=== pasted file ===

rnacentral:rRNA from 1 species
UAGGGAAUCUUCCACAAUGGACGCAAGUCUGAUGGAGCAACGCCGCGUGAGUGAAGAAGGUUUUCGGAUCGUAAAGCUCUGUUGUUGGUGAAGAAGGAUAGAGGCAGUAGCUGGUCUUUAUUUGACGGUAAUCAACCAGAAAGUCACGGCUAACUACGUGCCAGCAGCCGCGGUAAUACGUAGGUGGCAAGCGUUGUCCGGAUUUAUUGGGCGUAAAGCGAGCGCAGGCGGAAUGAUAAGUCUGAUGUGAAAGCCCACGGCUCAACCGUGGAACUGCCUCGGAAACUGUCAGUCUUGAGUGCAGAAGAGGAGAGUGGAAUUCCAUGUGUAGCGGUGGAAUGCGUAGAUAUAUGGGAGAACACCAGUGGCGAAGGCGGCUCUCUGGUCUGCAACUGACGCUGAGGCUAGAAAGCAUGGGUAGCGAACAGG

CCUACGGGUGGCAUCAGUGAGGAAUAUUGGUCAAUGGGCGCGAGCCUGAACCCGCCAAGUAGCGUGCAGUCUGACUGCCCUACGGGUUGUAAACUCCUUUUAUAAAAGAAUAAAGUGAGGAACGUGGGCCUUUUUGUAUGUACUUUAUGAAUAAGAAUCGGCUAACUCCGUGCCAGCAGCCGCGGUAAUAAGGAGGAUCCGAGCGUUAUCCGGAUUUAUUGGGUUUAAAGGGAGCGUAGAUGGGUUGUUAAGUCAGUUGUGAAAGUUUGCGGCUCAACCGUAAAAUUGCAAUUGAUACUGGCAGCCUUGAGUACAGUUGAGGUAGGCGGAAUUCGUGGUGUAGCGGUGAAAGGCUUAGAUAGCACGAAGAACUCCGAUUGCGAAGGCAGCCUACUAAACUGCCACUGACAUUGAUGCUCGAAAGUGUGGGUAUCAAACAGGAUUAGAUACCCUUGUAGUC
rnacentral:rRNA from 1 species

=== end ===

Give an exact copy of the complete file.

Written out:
rnacentral:rRNA from 1 species
UAGGGAAUCUUCCACAAUGGACGCAAGUCUGAUGGAGCAACGCCGCGUGAGUGAAGAAGGUUUUCGGAUCGUAAAGCUCUGUUGUUGGUGAAGAAGGAUAGAGGCAGUAGCUGGUCUUUAUUUGACGGUAAUCAACCAGAAAGUCACGGCUAACUACGUGCCAGCAGCCGCGGUAAUACGUAGGUGGCAAGCGUUGUCCGGAUUUAUUGGGCGUAAAGCGAGCGCAGGCGGAAUGAUAAGUCUGAUGUGAAAGCCCACGGCUCAACCGUGGAACUGCCUCGGAAACUGUCAGUCUUGAGUGCAGAAGAGGAGAGUGGAAUUCCAUGUGUAGCGGUGGAAUGCGUAGAUAUAUGGGAGAACACCAGUGGCGAAGGCGGCUCUCUGGUCUGCAACUGACGCUGAGGCUAGAAAGCAUGGGUAGCGAACAGG

CCUACGGGUGGCAUCAGUGAGGAAUAUUGGUCAAUGGGCGCGAGCCUGAACCCGCCAAGUAGCGUGCAGUCUGACUGCCCUACGGGUUGUAAACUCCUUUUAUAAAAGAAUAAAGUGAGGAACGUGGGCCUUUUUGUAUGUACUUUAUGAAUAAGAAUCGGCUAACUCCGUGCCAGCAGCCGCGGUAAUAAGGAGGAUCCGAGCGUUAUCCGGAUUUAUUGGGUUUAAAGGGAGCGUAGAUGGGUUGUUAAGUCAGUUGUGAAAGUUUGCGGCUCAACCGUAAAAUUGCAAUUGAUACUGGCAGCCUUGAGUACAGUUGAGGUAGGCGGAAUUCGUGGUGUAGCGGUGAAAGGCUUAGAUAGCACGAAGAACUCCGAUUGCGAAGGCAGCCUACUAAACUGCCACUGACAUUGAUGCUCGAAAGUGUGGGUAUCAAACAGGAUUAGAUACCCUUGUAGUC
rnacentral:rRNA from 1 species